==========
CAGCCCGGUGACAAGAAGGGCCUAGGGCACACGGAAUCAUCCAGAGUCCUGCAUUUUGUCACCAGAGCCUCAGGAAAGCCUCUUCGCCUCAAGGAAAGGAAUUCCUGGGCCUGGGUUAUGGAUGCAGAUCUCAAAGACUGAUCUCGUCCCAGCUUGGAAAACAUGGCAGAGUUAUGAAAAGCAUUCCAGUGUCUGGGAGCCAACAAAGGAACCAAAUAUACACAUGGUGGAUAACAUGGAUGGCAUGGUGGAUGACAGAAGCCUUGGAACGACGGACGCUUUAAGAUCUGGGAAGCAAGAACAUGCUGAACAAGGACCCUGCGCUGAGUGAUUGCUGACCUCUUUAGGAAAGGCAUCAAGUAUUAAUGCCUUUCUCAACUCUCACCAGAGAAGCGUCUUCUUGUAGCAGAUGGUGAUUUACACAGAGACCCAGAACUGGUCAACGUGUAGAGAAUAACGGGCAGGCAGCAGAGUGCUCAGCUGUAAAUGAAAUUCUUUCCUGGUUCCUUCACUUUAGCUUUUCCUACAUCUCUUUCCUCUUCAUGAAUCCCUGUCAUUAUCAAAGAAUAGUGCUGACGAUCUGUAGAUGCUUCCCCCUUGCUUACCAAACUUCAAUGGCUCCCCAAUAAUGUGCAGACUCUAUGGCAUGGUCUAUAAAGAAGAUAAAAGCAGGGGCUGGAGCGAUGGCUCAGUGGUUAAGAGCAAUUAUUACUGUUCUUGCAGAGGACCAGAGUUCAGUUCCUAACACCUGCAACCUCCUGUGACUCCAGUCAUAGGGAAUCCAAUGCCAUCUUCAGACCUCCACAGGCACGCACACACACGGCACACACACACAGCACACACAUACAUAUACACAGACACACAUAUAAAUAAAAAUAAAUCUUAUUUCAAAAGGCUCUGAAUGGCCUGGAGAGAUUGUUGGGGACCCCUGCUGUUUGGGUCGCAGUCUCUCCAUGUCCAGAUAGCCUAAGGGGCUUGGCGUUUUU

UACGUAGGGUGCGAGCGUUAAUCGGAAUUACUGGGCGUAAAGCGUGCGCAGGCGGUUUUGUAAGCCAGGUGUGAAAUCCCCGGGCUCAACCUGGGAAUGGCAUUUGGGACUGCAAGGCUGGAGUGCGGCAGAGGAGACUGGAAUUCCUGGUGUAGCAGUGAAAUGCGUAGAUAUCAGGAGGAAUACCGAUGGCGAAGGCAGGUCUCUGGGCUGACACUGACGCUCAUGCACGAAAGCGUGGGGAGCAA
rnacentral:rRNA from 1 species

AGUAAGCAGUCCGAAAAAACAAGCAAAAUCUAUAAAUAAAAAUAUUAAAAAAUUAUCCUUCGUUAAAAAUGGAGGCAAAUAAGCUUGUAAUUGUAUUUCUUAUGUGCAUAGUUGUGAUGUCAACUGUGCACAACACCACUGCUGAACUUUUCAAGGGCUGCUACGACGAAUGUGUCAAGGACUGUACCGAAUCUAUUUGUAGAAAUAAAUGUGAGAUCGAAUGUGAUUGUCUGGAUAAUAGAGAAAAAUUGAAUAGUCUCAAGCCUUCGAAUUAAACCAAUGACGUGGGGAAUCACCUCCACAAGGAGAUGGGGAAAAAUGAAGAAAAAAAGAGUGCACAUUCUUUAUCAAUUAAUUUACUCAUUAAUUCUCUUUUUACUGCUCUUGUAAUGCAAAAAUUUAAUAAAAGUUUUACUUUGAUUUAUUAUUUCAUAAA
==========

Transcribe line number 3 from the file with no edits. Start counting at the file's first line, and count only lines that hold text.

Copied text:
rnacentral:rRNA from 1 species